“We’ve all heard of giant farts, but this was a giant’s fart. It must have lasted for about 15 seconds, and we could all feel it reverberating around,” Elwes laughed. “There were people holding onto things around them – it felt like an earthquake. I looked over at the sound guy and he was holding his headphones away from his ears. Once it was over there was a moment where no one said anything, and finally the silence was broken when someone said, ‘You okay, André?’ He just said, ‘I am now, boss.’”


Creating As You Wish has not simply been a case of Elwes writing down his own memories from on set, however: he’s also compiled stories and comments from other members of the cast and crew. Asked whether putting it together it had reminded him of anything he’d previously forgotten, he talked about a time when a sword fight sequence involving him and Mandy Patinkin (who plays Inigo Montoya)  hadn’t quite been working on camera. It was ten minutes before they were due to finish shooting, and it had been more or less decided that they were going to do without the footage. Perfectionist that he was, however, Mandy had been determined to get it right, and so in the few minutes that were left, the team relocated and, following his instructions, managed to shoot everything they needed.

The conversation then turned to Elwes’s involvement in Glory, a war movie directed by Edward Zwick and released in 1989. Although he owned that it’s not always easy to sell war films to audiences, particularly in times of conflict in the real world when viewers are bombarded with scenes of devastation on their televisions at home, he did say that he nevertheless felt proud of the finished film. He described working on it as having been an incredible experience, both in terms of the locations they visited and having a chance to work alongside other actors he admires, including Morgan Freeman, Matthew Broderick and Denzel Washington.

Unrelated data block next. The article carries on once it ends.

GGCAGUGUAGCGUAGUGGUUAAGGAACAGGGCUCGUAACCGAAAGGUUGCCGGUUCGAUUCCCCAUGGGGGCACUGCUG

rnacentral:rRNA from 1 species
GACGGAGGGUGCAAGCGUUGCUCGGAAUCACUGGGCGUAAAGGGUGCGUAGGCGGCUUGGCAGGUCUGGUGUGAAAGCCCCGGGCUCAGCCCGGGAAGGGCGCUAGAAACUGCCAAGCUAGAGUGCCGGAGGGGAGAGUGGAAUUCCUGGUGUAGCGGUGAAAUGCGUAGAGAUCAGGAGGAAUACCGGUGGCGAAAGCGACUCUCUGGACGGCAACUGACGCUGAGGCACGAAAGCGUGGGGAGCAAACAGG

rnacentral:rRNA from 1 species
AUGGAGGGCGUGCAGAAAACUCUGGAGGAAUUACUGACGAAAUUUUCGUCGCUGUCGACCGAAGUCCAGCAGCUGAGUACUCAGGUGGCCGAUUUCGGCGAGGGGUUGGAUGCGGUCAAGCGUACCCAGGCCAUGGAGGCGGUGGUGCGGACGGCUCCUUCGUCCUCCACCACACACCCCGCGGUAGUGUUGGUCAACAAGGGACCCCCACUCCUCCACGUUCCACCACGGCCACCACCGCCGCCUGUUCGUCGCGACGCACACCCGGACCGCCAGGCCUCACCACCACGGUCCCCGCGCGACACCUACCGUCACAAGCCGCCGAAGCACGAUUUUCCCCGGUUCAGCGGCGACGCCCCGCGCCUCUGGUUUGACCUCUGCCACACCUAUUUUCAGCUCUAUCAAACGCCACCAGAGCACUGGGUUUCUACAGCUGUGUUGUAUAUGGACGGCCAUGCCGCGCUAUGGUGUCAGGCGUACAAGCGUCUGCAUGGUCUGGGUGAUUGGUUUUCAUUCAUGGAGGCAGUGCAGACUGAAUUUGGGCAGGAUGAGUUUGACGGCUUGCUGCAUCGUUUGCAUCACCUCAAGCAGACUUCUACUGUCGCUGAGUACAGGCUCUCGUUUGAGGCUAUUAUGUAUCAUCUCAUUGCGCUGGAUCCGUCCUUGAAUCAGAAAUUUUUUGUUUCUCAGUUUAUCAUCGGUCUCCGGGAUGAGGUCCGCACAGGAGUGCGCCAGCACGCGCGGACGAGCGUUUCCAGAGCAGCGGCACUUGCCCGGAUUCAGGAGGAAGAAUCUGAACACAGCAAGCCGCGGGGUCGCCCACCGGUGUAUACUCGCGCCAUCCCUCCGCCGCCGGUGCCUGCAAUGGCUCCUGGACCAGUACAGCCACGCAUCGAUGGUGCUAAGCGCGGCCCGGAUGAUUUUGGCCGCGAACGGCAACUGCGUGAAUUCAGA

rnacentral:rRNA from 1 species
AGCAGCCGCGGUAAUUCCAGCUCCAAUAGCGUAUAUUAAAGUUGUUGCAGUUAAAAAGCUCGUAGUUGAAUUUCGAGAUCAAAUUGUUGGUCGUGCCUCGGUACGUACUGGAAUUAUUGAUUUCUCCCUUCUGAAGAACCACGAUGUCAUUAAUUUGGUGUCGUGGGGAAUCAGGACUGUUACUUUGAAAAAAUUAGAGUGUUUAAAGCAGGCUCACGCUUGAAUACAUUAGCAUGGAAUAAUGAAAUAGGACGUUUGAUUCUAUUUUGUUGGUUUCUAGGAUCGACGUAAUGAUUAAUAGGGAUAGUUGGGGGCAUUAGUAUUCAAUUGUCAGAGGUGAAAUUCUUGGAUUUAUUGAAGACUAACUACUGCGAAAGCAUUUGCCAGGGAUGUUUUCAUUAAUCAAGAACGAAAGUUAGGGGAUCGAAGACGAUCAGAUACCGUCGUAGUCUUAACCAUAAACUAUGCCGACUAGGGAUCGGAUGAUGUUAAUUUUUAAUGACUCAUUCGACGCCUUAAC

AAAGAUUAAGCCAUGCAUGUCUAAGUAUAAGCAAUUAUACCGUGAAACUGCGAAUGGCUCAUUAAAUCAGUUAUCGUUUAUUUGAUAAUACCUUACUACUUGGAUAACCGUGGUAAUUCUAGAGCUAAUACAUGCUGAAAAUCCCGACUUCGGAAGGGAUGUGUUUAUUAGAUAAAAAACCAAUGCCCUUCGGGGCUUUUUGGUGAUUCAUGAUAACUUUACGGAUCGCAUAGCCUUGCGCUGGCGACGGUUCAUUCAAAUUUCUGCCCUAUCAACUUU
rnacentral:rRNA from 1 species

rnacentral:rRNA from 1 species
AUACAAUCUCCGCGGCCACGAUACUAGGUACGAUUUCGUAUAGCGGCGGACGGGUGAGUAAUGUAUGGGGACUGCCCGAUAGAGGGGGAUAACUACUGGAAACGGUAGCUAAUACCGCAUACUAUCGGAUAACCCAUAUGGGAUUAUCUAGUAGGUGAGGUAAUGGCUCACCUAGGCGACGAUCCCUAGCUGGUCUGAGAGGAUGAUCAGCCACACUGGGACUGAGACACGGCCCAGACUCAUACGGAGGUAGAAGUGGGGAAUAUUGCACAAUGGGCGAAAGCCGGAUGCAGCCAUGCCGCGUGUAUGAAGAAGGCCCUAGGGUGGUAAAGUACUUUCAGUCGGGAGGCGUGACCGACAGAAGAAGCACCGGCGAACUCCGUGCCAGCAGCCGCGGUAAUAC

“Even when I wasn’t needed on set, I often went in to watch Denzel and Morgan acting because they were amazing,” he said.

Asked next about his voice acting work in English dubs for anime movies Neko no ongaeshi (The Cat Returns) and Kurenai no buta (Porco Rosso), he said that he had loved working with Hayao Miyazaki. The question was whether he found voice acting more or less challenging than physical roles. Although he did say that there were some challenges involved, such as making English words fit mouth movements that had already been animated for Japanese dialogue, it was clear which he thought was tougher: